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Feasibility of a Biological Stentless-Valved Conduit for Aortic Root Replacement
Scott C. DeRoo1, Alan Stewart2, Jonathan Yang1, Elissa Landes1, Kevin Fujita1, Julie Van Hassel1, Craig Smith1, Isaac George1, Hiroo Takayama1.
1Columbia University, New York, NY, USA, 2Mount Sinai, New York, NY, USA.

BACKGROUND Aortic root replacement is increasingly relying on biologic valves. We have developed a valved-conduit constructed with a 3f aortic biological prosthesis (Medtronic Inc.) and a Valsalva graft (3f conduit) for root replacement. Implementation of the 3f conduit is made technically easier secondary to conduit flexibility and ease of manipulation, therefore permitting a running suture for annular anastomosis. Coronary reimplantation is also significantly less challenging as is evaluating for hemostasis given the nature of the graft. This study compared in-hospital outcomes with a conventional biological stented-valved conduit (stented conduit) in order to address the feasibility of aortic root replacement with the 3f conduit.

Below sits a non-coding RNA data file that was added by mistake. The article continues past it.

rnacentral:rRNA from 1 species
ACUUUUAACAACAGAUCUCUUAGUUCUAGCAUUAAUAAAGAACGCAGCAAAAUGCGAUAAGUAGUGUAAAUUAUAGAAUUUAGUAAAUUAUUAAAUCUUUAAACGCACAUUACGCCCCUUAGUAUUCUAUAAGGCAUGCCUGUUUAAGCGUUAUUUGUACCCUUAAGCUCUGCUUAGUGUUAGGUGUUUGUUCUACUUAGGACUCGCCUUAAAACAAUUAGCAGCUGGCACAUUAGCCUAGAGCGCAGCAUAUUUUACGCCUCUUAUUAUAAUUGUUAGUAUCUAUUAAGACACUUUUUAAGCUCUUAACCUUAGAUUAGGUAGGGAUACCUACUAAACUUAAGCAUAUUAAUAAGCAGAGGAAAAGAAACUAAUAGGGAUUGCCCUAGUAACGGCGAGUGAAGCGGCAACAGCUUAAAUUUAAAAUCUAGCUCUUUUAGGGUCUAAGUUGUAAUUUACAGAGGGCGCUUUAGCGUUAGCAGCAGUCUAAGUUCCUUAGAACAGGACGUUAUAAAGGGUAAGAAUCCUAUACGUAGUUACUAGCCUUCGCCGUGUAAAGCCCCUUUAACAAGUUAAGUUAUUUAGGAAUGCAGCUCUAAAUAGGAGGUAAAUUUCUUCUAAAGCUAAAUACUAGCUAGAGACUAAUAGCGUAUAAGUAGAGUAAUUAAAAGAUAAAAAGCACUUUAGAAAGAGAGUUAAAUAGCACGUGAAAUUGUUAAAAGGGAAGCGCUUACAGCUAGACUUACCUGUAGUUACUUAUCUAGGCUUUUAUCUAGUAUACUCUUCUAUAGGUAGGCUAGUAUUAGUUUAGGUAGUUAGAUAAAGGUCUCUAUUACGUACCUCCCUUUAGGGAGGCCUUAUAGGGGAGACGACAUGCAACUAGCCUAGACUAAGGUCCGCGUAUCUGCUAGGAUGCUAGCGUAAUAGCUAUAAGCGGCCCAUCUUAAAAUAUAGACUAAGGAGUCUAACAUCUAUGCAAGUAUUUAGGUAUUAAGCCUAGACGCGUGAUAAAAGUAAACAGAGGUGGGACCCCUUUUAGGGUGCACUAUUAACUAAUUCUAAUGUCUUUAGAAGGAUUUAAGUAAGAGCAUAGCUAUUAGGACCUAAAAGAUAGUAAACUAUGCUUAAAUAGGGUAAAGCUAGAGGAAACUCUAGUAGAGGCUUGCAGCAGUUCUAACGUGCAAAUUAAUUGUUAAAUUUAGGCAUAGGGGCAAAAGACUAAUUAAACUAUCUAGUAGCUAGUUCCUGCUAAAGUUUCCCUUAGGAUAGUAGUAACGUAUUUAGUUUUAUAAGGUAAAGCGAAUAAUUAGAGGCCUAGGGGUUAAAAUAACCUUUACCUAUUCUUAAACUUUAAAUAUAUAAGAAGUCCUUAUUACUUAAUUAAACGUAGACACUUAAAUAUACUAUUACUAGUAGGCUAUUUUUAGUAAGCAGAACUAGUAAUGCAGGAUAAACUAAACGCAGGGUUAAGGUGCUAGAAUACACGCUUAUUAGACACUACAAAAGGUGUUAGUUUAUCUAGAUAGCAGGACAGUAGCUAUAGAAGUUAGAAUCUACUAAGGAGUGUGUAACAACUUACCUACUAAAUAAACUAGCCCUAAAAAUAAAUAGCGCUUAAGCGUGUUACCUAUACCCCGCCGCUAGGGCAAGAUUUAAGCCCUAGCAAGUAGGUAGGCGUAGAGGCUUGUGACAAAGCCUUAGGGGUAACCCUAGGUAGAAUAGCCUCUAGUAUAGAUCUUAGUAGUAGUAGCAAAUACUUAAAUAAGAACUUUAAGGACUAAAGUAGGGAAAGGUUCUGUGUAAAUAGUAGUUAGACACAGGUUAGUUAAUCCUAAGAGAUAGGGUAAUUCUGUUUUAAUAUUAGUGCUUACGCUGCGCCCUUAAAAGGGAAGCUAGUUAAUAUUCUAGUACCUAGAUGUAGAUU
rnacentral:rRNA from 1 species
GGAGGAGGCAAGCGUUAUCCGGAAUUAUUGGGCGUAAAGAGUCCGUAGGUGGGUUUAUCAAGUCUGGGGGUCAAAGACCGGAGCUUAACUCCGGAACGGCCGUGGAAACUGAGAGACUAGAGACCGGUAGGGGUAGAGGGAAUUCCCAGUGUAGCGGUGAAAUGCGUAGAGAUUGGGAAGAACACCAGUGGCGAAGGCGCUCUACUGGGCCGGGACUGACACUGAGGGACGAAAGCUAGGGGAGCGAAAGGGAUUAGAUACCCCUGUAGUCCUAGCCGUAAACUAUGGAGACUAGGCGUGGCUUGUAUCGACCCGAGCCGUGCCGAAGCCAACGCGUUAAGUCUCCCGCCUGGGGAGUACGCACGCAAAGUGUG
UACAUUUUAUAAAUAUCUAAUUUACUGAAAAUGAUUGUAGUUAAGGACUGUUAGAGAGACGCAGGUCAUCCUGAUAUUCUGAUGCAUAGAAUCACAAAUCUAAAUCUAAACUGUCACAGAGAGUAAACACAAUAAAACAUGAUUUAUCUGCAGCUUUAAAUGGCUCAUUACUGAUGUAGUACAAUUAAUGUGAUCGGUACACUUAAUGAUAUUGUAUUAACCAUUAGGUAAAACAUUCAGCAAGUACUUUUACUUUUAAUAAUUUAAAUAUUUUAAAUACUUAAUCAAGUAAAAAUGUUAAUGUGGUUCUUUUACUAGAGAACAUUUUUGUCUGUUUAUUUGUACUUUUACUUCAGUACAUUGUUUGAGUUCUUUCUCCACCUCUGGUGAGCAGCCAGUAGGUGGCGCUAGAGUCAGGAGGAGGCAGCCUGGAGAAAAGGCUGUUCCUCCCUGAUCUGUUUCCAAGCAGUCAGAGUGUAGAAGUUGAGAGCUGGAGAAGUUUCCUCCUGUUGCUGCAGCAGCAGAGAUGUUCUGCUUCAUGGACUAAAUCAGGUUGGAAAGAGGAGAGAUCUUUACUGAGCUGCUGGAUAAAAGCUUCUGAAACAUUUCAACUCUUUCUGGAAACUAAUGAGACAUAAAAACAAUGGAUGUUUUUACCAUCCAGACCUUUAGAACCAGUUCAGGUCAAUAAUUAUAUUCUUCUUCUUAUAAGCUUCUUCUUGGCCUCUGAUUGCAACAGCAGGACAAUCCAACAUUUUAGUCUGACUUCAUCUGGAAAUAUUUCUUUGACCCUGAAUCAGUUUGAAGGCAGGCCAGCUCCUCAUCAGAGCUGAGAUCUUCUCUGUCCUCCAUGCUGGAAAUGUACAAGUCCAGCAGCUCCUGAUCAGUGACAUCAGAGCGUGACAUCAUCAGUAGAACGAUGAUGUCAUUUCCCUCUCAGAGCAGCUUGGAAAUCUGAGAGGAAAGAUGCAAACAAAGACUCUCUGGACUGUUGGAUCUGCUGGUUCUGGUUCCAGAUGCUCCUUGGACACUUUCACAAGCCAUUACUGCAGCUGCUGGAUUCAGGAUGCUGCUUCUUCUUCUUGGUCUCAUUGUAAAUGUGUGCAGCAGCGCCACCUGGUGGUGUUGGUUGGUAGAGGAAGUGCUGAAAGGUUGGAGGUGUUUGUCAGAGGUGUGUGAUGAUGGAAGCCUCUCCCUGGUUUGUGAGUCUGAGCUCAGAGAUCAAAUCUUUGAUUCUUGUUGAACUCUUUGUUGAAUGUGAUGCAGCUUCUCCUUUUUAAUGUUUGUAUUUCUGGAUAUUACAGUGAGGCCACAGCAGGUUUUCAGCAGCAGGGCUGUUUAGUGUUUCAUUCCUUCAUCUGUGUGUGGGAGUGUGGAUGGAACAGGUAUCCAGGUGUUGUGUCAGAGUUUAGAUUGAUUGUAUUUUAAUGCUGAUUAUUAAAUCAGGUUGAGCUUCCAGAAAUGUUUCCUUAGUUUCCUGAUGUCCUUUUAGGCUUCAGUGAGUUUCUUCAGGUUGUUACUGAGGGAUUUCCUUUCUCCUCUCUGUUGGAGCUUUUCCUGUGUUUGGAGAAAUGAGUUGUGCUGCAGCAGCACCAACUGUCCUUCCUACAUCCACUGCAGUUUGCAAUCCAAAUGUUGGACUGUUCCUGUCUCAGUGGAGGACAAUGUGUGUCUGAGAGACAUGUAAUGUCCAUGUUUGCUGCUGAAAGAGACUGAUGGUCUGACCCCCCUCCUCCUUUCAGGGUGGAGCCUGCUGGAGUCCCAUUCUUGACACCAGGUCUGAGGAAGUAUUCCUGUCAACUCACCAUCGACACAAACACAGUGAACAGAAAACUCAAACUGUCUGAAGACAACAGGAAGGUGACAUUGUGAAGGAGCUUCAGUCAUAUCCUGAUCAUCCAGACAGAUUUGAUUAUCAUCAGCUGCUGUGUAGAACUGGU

METHODS: All patients undergoing aortic root replacement with a bioprosthetic valved conduit from August 2005 to May 2013 at a single institution were reviewed.
RESULTS: A total of 356 patients were included in our analysis (133 stented conduit, 223 3f conduit). Patient demographics were not significantly different between the stented and 3f group (age: 62.2 ± 14 vs. 61.7 ± 13.6 years; male gender: 77.4% vs. 81.6 %; previous heart surgery 22% vs. 19.6 %). Rates of concomitant procedure at time of root replacement were comparable between the stented and 3f groups (35.3% vs 37.2%), with the most common concomitant procedures including CABG (19.5% stented vs. 16.6% in 3f), mitral procedure (8.3% stented vs. 5.9% 3f). Average bypass and cross clamp times were significantly shorter in the 3f vs stented conduit groups (128.0 ± 53.7 min vs 153 ± 52.7 min p<0.0001, 108.9 ±36.8 min vs 92.2± 34.2 min p<0.0001, respectively). Median ICU stay, in-hospital mortality and postop stroke were similar between groups (2 vs 2 days, 4.5% vs 2.7%, p=0.376, 3% vs 1.4% p=0.432, respectively). Reexploration for bleeding was more common in the stented group (11.3% vs 2.7%, p<0.001).
CONCLUSIONS: Short-term outcomes of aortic root replacement with the 3f conduit appear comparable with the stented conduit. The flexible nature of the 3f conduit may confer a technical advantage over the stented conduit. Additional follow-up studies are underway to evaluate long-term outcomes.

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